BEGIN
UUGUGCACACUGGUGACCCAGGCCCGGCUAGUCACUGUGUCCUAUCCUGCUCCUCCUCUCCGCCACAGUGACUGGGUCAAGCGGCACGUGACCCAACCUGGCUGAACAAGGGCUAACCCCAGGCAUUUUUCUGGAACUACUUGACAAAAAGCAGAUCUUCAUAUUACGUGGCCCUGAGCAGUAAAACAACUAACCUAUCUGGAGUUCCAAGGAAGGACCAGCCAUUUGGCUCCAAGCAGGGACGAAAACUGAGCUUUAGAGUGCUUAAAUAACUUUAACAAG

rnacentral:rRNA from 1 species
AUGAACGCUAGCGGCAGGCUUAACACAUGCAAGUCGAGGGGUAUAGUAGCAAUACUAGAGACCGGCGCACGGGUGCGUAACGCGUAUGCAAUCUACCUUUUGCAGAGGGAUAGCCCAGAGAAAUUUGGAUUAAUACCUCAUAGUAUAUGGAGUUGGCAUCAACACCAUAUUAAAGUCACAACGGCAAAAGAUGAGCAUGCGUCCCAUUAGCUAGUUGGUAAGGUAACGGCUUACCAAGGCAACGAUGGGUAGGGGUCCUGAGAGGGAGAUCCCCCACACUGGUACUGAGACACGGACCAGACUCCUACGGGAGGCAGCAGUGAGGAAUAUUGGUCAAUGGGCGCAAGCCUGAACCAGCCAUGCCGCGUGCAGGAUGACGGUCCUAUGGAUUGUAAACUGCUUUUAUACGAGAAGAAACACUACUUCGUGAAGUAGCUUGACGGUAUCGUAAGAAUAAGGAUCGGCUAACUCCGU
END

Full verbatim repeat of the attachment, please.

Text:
UUGUGCACACUGGUGACCCAGGCCCGGCUAGUCACUGUGUCCUAUCCUGCUCCUCCUCUCCGCCACAGUGACUGGGUCAAGCGGCACGUGACCCAACCUGGCUGAACAAGGGCUAACCCCAGGCAUUUUUCUGGAACUACUUGACAAAAAGCAGAUCUUCAUAUUACGUGGCCCUGAGCAGUAAAACAACUAACCUAUCUGGAGUUCCAAGGAAGGACCAGCCAUUUGGCUCCAAGCAGGGACGAAAACUGAGCUUUAGAGUGCUUAAAUAACUUUAACAAG

rnacentral:rRNA from 1 species
AUGAACGCUAGCGGCAGGCUUAACACAUGCAAGUCGAGGGGUAUAGUAGCAAUACUAGAGACCGGCGCACGGGUGCGUAACGCGUAUGCAAUCUACCUUUUGCAGAGGGAUAGCCCAGAGAAAUUUGGAUUAAUACCUCAUAGUAUAUGGAGUUGGCAUCAACACCAUAUUAAAGUCACAACGGCAAAAGAUGAGCAUGCGUCCCAUUAGCUAGUUGGUAAGGUAACGGCUUACCAAGGCAACGAUGGGUAGGGGUCCUGAGAGGGAGAUCCCCCACACUGGUACUGAGACACGGACCAGACUCCUACGGGAGGCAGCAGUGAGGAAUAUUGGUCAAUGGGCGCAAGCCUGAACCAGCCAUGCCGCGUGCAGGAUGACGGUCCUAUGGAUUGUAAACUGCUUUUAUACGAGAAGAAACACUACUUCGUGAAGUAGCUUGACGGUAUCGUAAGAAUAAGGAUCGGCUAACUCCGU